Mystery/Thriller Book ReviewsThe Internet Writing Journal, June 1998 Page One of Six
The Butter Did It by Phyllis RichmanHarperCollins, June 1998.
Paperback, 373 pages.
Amazon.com. | Amazon.co.uk
On the eve of Washington D.C.'s most-anticipated gourmet gala, City Tastes, most chefs are slaving away in their kitchens preparing for the event which stipulates that each chef must prepare his or her own dishes without help. Renowned French chef Lawrence Lavain finishes preparing his famous salmon-stuffed raviolis but never gets the chance to serve them. Before the event he is found dead on his living room floor, apparently of a heart attack. While most of his colleagues attribute Lavain's death to his soaring cholesterol levels his ex-love and current restaurant critic for the Washington Examiner, Chas Wheatly, thinks otherwise. With the help of Homer Jones, the homicide detective on the case who adores fine food, and Chas' investigative reporter boyfriend, Chas sets out to trap a killer. Along the way she samples the best food that Washington, D.C. has to offer and comes to a surprising conclusion about the role that love can play in her life.
Noted restaurant critic Phyllis Richman has penned a winner with her first foray into mystery writing. Filled with scrumptious descriptions of gourmet delights and an intriguing look into the life of a famous restaurant critic, The Butter Did It succeeds on several levels. The mystery is clever and the characters are vivid and entertaining. A masterful foray into the culinary mystery subgenre, The Butter Did It is a delicious indulgence.
--Claire E. White
Cook's Night Out by Joanne PenceHarperCollins, Jan., 1998.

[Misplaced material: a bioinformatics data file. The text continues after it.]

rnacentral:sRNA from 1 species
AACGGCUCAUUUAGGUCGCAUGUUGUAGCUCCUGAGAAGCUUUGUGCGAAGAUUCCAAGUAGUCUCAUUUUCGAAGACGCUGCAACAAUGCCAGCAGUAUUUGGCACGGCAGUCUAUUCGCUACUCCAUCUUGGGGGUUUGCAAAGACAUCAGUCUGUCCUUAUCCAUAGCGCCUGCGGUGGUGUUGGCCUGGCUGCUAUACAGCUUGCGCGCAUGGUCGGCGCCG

Paperback, 286 pages.
Amazon.com. | Amazon.co.uk
Chef Angie Amalfi dreams of creating a confection which will revolutionize the dessert world: the angelina. Unfortunately, she has no idea whatsoever as to what form the delicious angelinas will take, so she invests in a number of specialized kitchen appliances and a ton of chocolate and sets to work. Batch after batch of rich chocolates of every size and description are deemed unworthy by Angie and are donated to the Random Acts of Kindness Mission in San Francisco. After meeting the charismatic founder of the Mission, Angie decides to volunteer at the Mission and eventually gets talked into organizing a huge charity ball. The more time she spends at the mission, the odder things seem there. What's worse is her current love, San Francisco police officer Paavo Smith, is in danger of losing his job when numbers runners all over the city start turning up dead -- with Paavo's phone number in their pockets. Although warned away from the Mission by Paavo because of the shady reputation of the Mission's biggest supporter, Angie thinks the Mission might be connected to Paavo's problems and decides to investigate. Along the way, Angie will whip up a staggering amount of unusual confections, go undercover as a bag woman and put herself in danger from a dastardly criminal.
This is the 5th book in the series starring chef and sometime amateur sleuth Angie Amalfi. San Francisco provides an interesting backdrop for the madcap and entertaining adventures of Angie and her longtime love, Paavo. With its lighthearted tone and lovable protagonist, Cook's Night Out is a charming addition to this popular series.
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